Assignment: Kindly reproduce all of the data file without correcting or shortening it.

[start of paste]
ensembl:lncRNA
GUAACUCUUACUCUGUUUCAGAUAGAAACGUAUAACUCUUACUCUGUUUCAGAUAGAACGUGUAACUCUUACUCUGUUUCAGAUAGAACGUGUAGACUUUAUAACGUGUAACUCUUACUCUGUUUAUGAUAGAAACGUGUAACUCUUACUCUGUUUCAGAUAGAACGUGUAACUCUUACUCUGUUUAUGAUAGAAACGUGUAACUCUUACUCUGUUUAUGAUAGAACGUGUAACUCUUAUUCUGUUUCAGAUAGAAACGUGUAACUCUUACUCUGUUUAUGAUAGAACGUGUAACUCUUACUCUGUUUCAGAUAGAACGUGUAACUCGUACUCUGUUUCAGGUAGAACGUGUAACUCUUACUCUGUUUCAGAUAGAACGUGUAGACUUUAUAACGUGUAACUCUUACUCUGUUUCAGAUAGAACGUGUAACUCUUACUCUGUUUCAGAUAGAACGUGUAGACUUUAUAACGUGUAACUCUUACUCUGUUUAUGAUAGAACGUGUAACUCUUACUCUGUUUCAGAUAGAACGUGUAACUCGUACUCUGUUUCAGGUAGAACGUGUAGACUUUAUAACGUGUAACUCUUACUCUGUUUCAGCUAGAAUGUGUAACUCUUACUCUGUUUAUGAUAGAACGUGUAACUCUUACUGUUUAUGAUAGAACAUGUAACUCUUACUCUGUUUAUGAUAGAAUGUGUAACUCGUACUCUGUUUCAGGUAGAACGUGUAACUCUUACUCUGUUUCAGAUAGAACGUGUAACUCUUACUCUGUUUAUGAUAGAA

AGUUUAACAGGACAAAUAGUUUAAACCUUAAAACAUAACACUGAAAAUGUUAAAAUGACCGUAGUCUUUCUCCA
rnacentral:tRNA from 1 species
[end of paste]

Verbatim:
ensembl:lncRNA
GUAACUCUUACUCUGUUUCAGAUAGAAACGUAUAACUCUUACUCUGUUUCAGAUAGAACGUGUAACUCUUACUCUGUUUCAGAUAGAACGUGUAGACUUUAUAACGUGUAACUCUUACUCUGUUUAUGAUAGAAACGUGUAACUCUUACUCUGUUUCAGAUAGAACGUGUAACUCUUACUCUGUUUAUGAUAGAAACGUGUAACUCUUACUCUGUUUAUGAUAGAACGUGUAACUCUUAUUCUGUUUCAGAUAGAAACGUGUAACUCUUACUCUGUUUAUGAUAGAACGUGUAACUCUUACUCUGUUUCAGAUAGAACGUGUAACUCGUACUCUGUUUCAGGUAGAACGUGUAACUCUUACUCUGUUUCAGAUAGAACGUGUAGACUUUAUAACGUGUAACUCUUACUCUGUUUCAGAUAGAACGUGUAACUCUUACUCUGUUUCAGAUAGAACGUGUAGACUUUAUAACGUGUAACUCUUACUCUGUUUAUGAUAGAACGUGUAACUCUUACUCUGUUUCAGAUAGAACGUGUAACUCGUACUCUGUUUCAGGUAGAACGUGUAGACUUUAUAACGUGUAACUCUUACUCUGUUUCAGCUAGAAUGUGUAACUCUUACUCUGUUUAUGAUAGAACGUGUAACUCUUACUGUUUAUGAUAGAACAUGUAACUCUUACUCUGUUUAUGAUAGAAUGUGUAACUCGUACUCUGUUUCAGGUAGAACGUGUAACUCUUACUCUGUUUCAGAUAGAACGUGUAACUCUUACUCUGUUUAUGAUAGAA

AGUUUAACAGGACAAAUAGUUUAAACCUUAAAACAUAACACUGAAAAUGUUAAAAUGACCGUAGUCUUUCUCCA
rnacentral:tRNA from 1 species